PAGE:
Illegal Immigration: Let the Distortion and Spin Commence

Sunday, April 30, 2006 at 06:34 PM

The issue of illegal immigration (how big a problem, how to stop it in the future, what to do about the illegals here now) deserves some serious discussion.  It impacts everything from the American wage structure to the prices of many goods to the conscience and morals of the country.

What the issue doesn't need?  Nonsense like this from the Associated Press.

Homeowners Top Employers of Day Laborers, by Peter Prengaman, Associated Press Writer
Apr 29
The No. 1 employers of day laborers, many of whom are illegal immigrants, are homeowners _ not construction contractors, not professional landscapers.

"Day labor is not a niche market," said Abel Valenzuela, a UCLA professor and one of three authors of the first national day labor study, which was released in January. "It's now entering different aspects of the national mainstream economy."

Forty-nine percent of day labor employers are homeowners, according to 2,660 laborers interviewed for the study. Contractors were second, at 43 percent. The study also found that three quarters of day laborers were illegal immigrants and most were from Latin America.

Good grief!  Are we talking about day laborers or illegal immigrants?  Sounds like day laborers, but the author expands out to illegal immigrants whenever he wants.  So you really can't tell anything about illegal immigrants from this, even though that group is the one causing all the public controversy.

And "49% of day labor employers are homeowners" compared to " 43 percent."  Useful?  I don't think so.  The ratio of categories of employers is meaningless.  What you need to know for this piece to be at all useful is how many day laborers are employed by homeowners, how many by contractors.  If one contractor employs an average of 10 day laborers, and homeowners employ an average of one day laborer, then the percentages above would mean that contractors hire 430 day laborers for every 49 hired by homeowners.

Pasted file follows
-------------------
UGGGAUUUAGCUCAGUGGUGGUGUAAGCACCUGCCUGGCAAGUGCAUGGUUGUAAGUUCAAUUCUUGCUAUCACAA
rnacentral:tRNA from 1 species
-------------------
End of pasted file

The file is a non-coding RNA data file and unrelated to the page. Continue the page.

Why in the hell is it even noteworthy that "day laborers" are hired by "homeowners?"  What is the value of this story?  It seems geared simply to relieving some of the pressure to start holding businesses accountable for hiring illegal aliens.  Someone wants you to start thinking, hey, don't be imposing penalties on employers; many of those employers are just plain folks, you know, "just like you and me."  Well, they may be like you, depending on who "you" are, but they sure aren't like me.

Exactly how hard would it be to require that all employers, including homeowners, obtain a social security number form anyone they hire, and make one phone call to check that number against a central database (which we probably don't have, but certainly could get)?

There's as much hooey floating around about illegal immigration as there is about Iraq WMD and the Valerie Plame outing.